Written by Brunella (Class of 2020, Peru) and Valentina (Class of 2020, Colombia)
On Monday 10 December, UWC ISAK commemorated International Human Rights Day. Members of the Peace and Non-violence Forum organised the events as a part of their mission to educate themselves and the community about peace, conflict, and non-violence. United World Colleges use education as a force to unite people, nations and cultures for peace and a sustainable future: we believe that spending a day reflecting on human rights helps our community to connect with our school’s mission by recognizing the framework of human rights that exist to help us to achieve this shared peace. Organizing the day, we wanted to strike a balance between getting a deeper understanding of what human rights are, learned what we still have to do, contributing to protecting human rights, and, self-critically, thinking about some things that we take for granted that may not promote human rights.
The day started with a small reflection session held in the gym where students and faculty started a dialog about what human rights are. Some members of the community shared their answers to questions such as “What are human rights?” and “Why are they important?”. Coming to a common definition was not simple, and in fact a lot of interesting discussions took place.
Eventually, students and our faculty moved to the KAC to start the morning activities. A rotatory system allowed students to choose the activities they would like to take part on during the morning: simulations of situations related to Human Rights, workshops related to different rights, and open dialogue spaces where students could discuss the day’s experiences. Right before lunch, a school-wide session was held in the gym for students to collectively reflect on what human rights were and what they meant for our school.
Afterwards, the community was invited to participate in an activity called perspectives. Here, students from all around the world had an space to talk about issues that are currently taking place in their home countries and can represent human rights violations. Since we are a school which values diversity, the purpose of this activity was to demonstrate how a same situation can be understood from multiple perspectives. Thus, students from different backgrounds discussed political topics such as the Venezuelan crisis, external intervention in African countries and migration between Mexico and USA. The evening was kept more light: a movie screening and a dialogue night took place, offering some more spaces of reflection and discussion.
“I was very happy to see the whole community involved in this event. Though many students were busy (after all, it was the last week of the semester, and deadlines and tests were very close!), most of them gave their time and effort to the activities, taking an active role in the simulations, seminars and open discussions”.
“Organizing this event made me think, on a daily basis, of what human rights meant for me and for my community. The words human rights get thrown around a lot these days, and it is very easy for it to become just a random buzzword. For me, organizing the event meant rediscovering what could these rights mean and what could they encompass: in helping prepare the simulations and seminars I became aware of the stories of thousands of people around the world for whom these rights were not guaranteed, and who fought in every way possible to attain them. I hope that, along the day, the members of our school community became aware of these situations too — that they too rediscovered of what the word meant for them”.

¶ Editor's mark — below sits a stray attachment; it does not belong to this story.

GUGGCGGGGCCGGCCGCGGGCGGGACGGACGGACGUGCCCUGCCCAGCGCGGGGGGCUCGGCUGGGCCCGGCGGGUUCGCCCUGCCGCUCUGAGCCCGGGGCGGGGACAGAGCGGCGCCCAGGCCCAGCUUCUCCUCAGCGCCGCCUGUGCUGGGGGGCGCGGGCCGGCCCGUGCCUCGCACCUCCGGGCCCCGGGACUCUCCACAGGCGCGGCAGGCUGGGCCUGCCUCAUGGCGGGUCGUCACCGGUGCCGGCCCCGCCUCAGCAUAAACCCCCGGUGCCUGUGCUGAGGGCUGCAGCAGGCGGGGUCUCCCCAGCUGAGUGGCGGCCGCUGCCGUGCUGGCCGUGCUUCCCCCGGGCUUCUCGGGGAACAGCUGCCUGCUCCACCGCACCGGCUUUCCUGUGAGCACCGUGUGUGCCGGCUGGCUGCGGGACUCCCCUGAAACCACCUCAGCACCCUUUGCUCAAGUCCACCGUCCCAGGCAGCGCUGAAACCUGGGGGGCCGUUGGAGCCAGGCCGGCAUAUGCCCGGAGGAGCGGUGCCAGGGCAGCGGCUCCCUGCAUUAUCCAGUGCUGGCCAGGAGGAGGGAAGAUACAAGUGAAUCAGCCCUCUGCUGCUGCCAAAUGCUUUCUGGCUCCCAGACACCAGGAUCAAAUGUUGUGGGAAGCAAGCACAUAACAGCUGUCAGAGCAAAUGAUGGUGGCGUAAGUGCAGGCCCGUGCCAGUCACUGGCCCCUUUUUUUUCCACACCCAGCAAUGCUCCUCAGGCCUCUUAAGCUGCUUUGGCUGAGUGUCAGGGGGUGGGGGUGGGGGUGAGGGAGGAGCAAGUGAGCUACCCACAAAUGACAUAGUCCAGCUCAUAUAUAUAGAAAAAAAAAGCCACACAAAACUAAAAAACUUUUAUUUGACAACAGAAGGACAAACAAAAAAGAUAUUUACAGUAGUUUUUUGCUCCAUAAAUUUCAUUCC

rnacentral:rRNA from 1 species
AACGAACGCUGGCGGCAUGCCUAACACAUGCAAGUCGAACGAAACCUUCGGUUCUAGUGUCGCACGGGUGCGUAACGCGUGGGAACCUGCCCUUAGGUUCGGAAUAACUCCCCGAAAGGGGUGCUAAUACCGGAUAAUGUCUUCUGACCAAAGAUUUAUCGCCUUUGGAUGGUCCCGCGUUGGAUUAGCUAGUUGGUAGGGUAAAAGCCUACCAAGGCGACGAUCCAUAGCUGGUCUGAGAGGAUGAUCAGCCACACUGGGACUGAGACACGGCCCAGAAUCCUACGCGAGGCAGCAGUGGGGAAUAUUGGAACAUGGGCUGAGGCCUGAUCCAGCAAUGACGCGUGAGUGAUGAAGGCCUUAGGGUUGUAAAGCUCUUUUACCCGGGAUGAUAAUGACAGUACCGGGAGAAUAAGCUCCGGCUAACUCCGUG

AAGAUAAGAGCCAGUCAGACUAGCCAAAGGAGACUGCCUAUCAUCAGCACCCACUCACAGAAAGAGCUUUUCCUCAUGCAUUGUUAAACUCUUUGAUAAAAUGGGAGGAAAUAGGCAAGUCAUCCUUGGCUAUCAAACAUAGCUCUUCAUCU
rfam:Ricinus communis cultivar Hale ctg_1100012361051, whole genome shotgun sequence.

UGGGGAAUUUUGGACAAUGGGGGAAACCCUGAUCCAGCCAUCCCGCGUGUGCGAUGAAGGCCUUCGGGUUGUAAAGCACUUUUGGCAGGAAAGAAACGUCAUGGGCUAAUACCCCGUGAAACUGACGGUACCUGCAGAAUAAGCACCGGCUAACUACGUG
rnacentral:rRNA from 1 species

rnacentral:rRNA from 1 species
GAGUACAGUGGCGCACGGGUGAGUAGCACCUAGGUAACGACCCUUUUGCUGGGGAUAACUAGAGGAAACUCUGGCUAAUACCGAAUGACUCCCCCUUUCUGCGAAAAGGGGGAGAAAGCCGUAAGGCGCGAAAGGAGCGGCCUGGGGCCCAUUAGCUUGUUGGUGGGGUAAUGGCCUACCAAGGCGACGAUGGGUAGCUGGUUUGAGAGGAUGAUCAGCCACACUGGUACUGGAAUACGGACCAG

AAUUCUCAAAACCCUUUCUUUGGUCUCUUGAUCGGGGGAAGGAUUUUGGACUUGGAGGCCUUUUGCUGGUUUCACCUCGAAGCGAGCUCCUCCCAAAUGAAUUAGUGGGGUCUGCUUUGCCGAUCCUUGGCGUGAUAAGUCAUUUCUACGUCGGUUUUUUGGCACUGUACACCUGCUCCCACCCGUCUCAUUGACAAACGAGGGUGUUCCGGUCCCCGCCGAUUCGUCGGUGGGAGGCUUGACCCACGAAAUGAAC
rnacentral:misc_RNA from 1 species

As new G11 students, we were excited to start contributing to the school and the mission: this was going to be our first time organising an event for the entire school. We must admit it was a little intimidating to start planning something for the whole school, but conquering that fear is one of the reasons that we chose to do take on the responsibility. Organising something for everyone in the community, and planning this with a core group of six persons meant that we got to learn about compromise – but this time with a culturally diverse group of people. We were also very lucky to have support from many of the G12 students who worked on this event last year.
“One of the main difficulties we faced was to make the event both engaging and thoughtful. We wanted the activities to be challenging without them being offensive to any member of the community: as we are a extremely diverse school, the line distinguishing the daring from the offensive is drawn at massively different places”.
“When organizing this event we were really focused on making it as interesting and engaging as possible to our community. Human rights and their importance in all the world is a topic I feel passionate about and I really wanted to transmit that to other students. Organizing this day was definitely challenging because creating activities to raise awareness about topics like this a is difficult task. I feel one of the things I learned from this experience is how diverse our community is and how important this type of conversations can be. The conversations that started thanks to activities such as the simulations and perspectives should definitely continue outside spaces like this”
“We are looking forward to have more conversations like this in our community. I really think the richness of being in a UWC is having the opportunity to understanding a same issue from different sides. It would had been amazing to see more students participate in the organization of the day, as the whole experience would had been massively enriched by their input”.
Human Rights Day is one of five school-wide celebration days, on which we all come together to dive into different parts of our mission. The first day was UWC Day in September and the next celebration day will be International Day in January.